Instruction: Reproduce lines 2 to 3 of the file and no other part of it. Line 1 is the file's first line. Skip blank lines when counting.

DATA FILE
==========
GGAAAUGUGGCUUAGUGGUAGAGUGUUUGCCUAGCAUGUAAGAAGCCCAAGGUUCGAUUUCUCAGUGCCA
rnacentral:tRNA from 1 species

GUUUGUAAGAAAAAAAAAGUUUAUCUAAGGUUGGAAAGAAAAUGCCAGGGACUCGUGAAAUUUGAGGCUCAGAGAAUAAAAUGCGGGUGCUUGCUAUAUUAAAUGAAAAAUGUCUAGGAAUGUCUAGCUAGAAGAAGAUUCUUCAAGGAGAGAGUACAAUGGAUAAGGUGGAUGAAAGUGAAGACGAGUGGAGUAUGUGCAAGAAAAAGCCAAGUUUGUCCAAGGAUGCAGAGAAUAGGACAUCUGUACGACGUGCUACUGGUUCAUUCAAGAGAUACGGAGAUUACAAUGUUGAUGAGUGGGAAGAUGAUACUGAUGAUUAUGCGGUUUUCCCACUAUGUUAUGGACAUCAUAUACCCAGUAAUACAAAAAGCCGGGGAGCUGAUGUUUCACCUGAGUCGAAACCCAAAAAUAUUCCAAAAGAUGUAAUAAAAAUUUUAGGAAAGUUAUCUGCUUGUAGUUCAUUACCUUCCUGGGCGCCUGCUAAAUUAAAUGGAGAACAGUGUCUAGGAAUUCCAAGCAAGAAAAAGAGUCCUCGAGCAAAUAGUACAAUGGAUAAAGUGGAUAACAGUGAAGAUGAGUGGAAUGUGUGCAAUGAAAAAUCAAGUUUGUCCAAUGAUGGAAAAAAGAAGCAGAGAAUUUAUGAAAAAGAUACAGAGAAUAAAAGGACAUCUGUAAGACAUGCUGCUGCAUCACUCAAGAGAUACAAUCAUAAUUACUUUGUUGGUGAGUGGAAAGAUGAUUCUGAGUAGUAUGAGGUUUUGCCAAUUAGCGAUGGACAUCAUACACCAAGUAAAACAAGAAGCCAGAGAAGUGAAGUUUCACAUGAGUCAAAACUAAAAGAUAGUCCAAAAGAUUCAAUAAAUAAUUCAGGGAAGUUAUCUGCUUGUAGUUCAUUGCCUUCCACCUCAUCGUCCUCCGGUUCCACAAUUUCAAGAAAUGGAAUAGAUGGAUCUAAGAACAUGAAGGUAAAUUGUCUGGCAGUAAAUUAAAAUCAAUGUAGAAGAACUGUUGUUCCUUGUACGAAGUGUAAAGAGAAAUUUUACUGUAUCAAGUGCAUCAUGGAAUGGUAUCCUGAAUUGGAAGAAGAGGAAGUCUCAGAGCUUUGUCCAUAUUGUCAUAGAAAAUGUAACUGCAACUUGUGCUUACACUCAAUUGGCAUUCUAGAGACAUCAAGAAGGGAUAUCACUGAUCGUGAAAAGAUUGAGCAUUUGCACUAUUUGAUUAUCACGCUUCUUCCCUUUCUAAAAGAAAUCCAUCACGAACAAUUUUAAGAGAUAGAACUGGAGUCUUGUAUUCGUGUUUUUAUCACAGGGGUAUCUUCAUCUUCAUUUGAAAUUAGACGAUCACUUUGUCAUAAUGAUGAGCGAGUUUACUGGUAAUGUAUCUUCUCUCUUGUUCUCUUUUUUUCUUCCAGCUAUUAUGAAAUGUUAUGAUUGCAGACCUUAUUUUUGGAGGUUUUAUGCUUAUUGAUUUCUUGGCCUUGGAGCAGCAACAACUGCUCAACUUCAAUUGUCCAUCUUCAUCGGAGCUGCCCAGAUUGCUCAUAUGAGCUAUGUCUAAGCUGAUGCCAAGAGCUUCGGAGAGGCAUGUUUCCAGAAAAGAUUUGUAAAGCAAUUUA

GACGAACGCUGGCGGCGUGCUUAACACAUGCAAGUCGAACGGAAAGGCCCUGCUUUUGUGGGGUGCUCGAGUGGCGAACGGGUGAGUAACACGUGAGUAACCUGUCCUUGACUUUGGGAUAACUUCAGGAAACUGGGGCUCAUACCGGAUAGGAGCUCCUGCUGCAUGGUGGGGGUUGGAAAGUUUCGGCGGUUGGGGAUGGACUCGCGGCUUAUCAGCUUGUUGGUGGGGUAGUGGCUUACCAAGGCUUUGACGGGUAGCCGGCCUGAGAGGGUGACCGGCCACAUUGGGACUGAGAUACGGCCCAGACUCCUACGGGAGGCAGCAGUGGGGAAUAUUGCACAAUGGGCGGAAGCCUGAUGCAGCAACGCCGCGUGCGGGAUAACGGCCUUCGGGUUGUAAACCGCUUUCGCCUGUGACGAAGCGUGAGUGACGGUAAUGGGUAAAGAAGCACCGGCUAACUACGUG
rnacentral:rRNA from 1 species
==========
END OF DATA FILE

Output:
rnacentral:tRNA from 1 species

GUUUGUAAGAAAAAAAAAGUUUAUCUAAGGUUGGAAAGAAAAUGCCAGGGACUCGUGAAAUUUGAGGCUCAGAGAAUAAAAUGCGGGUGCUUGCUAUAUUAAAUGAAAAAUGUCUAGGAAUGUCUAGCUAGAAGAAGAUUCUUCAAGGAGAGAGUACAAUGGAUAAGGUGGAUGAAAGUGAAGACGAGUGGAGUAUGUGCAAGAAAAAGCCAAGUUUGUCCAAGGAUGCAGAGAAUAGGACAUCUGUACGACGUGCUACUGGUUCAUUCAAGAGAUACGGAGAUUACAAUGUUGAUGAGUGGGAAGAUGAUACUGAUGAUUAUGCGGUUUUCCCACUAUGUUAUGGACAUCAUAUACCCAGUAAUACAAAAAGCCGGGGAGCUGAUGUUUCACCUGAGUCGAAACCCAAAAAUAUUCCAAAAGAUGUAAUAAAAAUUUUAGGAAAGUUAUCUGCUUGUAGUUCAUUACCUUCCUGGGCGCCUGCUAAAUUAAAUGGAGAACAGUGUCUAGGAAUUCCAAGCAAGAAAAAGAGUCCUCGAGCAAAUAGUACAAUGGAUAAAGUGGAUAACAGUGAAGAUGAGUGGAAUGUGUGCAAUGAAAAAUCAAGUUUGUCCAAUGAUGGAAAAAAGAAGCAGAGAAUUUAUGAAAAAGAUACAGAGAAUAAAAGGACAUCUGUAAGACAUGCUGCUGCAUCACUCAAGAGAUACAAUCAUAAUUACUUUGUUGGUGAGUGGAAAGAUGAUUCUGAGUAGUAUGAGGUUUUGCCAAUUAGCGAUGGACAUCAUACACCAAGUAAAACAAGAAGCCAGAGAAGUGAAGUUUCACAUGAGUCAAAACUAAAAGAUAGUCCAAAAGAUUCAAUAAAUAAUUCAGGGAAGUUAUCUGCUUGUAGUUCAUUGCCUUCCACCUCAUCGUCCUCCGGUUCCACAAUUUCAAGAAAUGGAAUAGAUGGAUCUAAGAACAUGAAGGUAAAUUGUCUGGCAGUAAAUUAAAAUCAAUGUAGAAGAACUGUUGUUCCUUGUACGAAGUGUAAAGAGAAAUUUUACUGUAUCAAGUGCAUCAUGGAAUGGUAUCCUGAAUUGGAAGAAGAGGAAGUCUCAGAGCUUUGUCCAUAUUGUCAUAGAAAAUGUAACUGCAACUUGUGCUUACACUCAAUUGGCAUUCUAGAGACAUCAAGAAGGGAUAUCACUGAUCGUGAAAAGAUUGAGCAUUUGCACUAUUUGAUUAUCACGCUUCUUCCCUUUCUAAAAGAAAUCCAUCACGAACAAUUUUAAGAGAUAGAACUGGAGUCUUGUAUUCGUGUUUUUAUCACAGGGGUAUCUUCAUCUUCAUUUGAAAUUAGACGAUCACUUUGUCAUAAUGAUGAGCGAGUUUACUGGUAAUGUAUCUUCUCUCUUGUUCUCUUUUUUUCUUCCAGCUAUUAUGAAAUGUUAUGAUUGCAGACCUUAUUUUUGGAGGUUUUAUGCUUAUUGAUUUCUUGGCCUUGGAGCAGCAACAACUGCUCAACUUCAAUUGUCCAUCUUCAUCGGAGCUGCCCAGAUUGCUCAUAUGAGCUAUGUCUAAGCUGAUGCCAAGAGCUUCGGAGAGGCAUGUUUCCAGAAAAGAUUUGUAAAGCAAUUUA